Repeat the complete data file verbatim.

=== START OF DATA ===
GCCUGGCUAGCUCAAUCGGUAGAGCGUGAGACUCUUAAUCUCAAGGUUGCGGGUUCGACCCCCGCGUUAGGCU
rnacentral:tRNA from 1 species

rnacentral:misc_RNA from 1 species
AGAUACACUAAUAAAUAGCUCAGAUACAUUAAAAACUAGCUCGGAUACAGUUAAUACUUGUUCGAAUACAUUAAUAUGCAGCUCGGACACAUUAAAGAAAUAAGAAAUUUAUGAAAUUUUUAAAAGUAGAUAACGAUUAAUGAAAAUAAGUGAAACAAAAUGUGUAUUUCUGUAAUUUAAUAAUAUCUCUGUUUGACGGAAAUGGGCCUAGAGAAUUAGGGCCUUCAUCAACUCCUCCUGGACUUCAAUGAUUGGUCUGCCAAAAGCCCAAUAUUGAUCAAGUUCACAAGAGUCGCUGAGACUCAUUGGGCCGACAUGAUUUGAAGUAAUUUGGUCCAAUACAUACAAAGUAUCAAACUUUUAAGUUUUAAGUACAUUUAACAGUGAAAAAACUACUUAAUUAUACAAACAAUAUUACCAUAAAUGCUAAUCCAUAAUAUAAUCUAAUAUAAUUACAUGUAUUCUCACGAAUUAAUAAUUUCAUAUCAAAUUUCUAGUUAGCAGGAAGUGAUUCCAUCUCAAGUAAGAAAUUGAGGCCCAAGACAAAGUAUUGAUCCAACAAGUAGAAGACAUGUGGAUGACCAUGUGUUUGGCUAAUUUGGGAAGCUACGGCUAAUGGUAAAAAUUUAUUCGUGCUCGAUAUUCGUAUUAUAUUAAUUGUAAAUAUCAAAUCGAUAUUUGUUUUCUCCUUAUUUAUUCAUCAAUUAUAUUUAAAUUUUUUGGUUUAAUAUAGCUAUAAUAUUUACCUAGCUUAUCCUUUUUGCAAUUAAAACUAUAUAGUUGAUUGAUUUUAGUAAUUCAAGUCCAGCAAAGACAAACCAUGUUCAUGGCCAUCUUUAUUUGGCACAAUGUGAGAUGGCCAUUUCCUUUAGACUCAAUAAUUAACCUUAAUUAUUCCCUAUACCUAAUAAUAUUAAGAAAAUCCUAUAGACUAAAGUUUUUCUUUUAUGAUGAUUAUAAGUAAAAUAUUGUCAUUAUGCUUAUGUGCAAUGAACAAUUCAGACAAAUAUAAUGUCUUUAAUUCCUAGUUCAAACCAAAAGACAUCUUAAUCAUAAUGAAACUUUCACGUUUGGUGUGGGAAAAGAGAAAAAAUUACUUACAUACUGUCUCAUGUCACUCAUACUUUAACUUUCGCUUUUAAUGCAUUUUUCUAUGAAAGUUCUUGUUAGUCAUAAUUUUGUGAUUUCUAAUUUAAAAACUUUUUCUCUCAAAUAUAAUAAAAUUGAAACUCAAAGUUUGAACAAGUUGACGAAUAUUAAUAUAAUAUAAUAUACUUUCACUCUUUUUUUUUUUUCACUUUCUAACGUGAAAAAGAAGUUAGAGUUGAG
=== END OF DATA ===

GCCUGGCUAGCUCAAUCGGUAGAGCGUGAGACUCUUAAUCUCAAGGUUGCGGGUUCGACCCCCGCGUUAGGCU
rnacentral:tRNA from 1 species

rnacentral:misc_RNA from 1 species
AGAUACACUAAUAAAUAGCUCAGAUACAUUAAAAACUAGCUCGGAUACAGUUAAUACUUGUUCGAAUACAUUAAUAUGCAGCUCGGACACAUUAAAGAAAUAAGAAAUUUAUGAAAUUUUUAAAAGUAGAUAACGAUUAAUGAAAAUAAGUGAAACAAAAUGUGUAUUUCUGUAAUUUAAUAAUAUCUCUGUUUGACGGAAAUGGGCCUAGAGAAUUAGGGCCUUCAUCAACUCCUCCUGGACUUCAAUGAUUGGUCUGCCAAAAGCCCAAUAUUGAUCAAGUUCACAAGAGUCGCUGAGACUCAUUGGGCCGACAUGAUUUGAAGUAAUUUGGUCCAAUACAUACAAAGUAUCAAACUUUUAAGUUUUAAGUACAUUUAACAGUGAAAAAACUACUUAAUUAUACAAACAAUAUUACCAUAAAUGCUAAUCCAUAAUAUAAUCUAAUAUAAUUACAUGUAUUCUCACGAAUUAAUAAUUUCAUAUCAAAUUUCUAGUUAGCAGGAAGUGAUUCCAUCUCAAGUAAGAAAUUGAGGCCCAAGACAAAGUAUUGAUCCAACAAGUAGAAGACAUGUGGAUGACCAUGUGUUUGGCUAAUUUGGGAAGCUACGGCUAAUGGUAAAAAUUUAUUCGUGCUCGAUAUUCGUAUUAUAUUAAUUGUAAAUAUCAAAUCGAUAUUUGUUUUCUCCUUAUUUAUUCAUCAAUUAUAUUUAAAUUUUUUGGUUUAAUAUAGCUAUAAUAUUUACCUAGCUUAUCCUUUUUGCAAUUAAAACUAUAUAGUUGAUUGAUUUUAGUAAUUCAAGUCCAGCAAAGACAAACCAUGUUCAUGGCCAUCUUUAUUUGGCACAAUGUGAGAUGGCCAUUUCCUUUAGACUCAAUAAUUAACCUUAAUUAUUCCCUAUACCUAAUAAUAUUAAGAAAAUCCUAUAGACUAAAGUUUUUCUUUUAUGAUGAUUAUAAGUAAAAUAUUGUCAUUAUGCUUAUGUGCAAUGAACAAUUCAGACAAAUAUAAUGUCUUUAAUUCCUAGUUCAAACCAAAAGACAUCUUAAUCAUAAUGAAACUUUCACGUUUGGUGUGGGAAAAGAGAAAAAAUUACUUACAUACUGUCUCAUGUCACUCAUACUUUAACUUUCGCUUUUAAUGCAUUUUUCUAUGAAAGUUCUUGUUAGUCAUAAUUUUGUGAUUUCUAAUUUAAAAACUUUUUCUCUCAAAUAUAAUAAAAUUGAAACUCAAAGUUUGAACAAGUUGACGAAUAUUAAUAUAAUAUAAUAUACUUUCACUCUUUUUUUUUUUUCACUUUCUAACGUGAAAAAGAAGUUAGAGUUGAG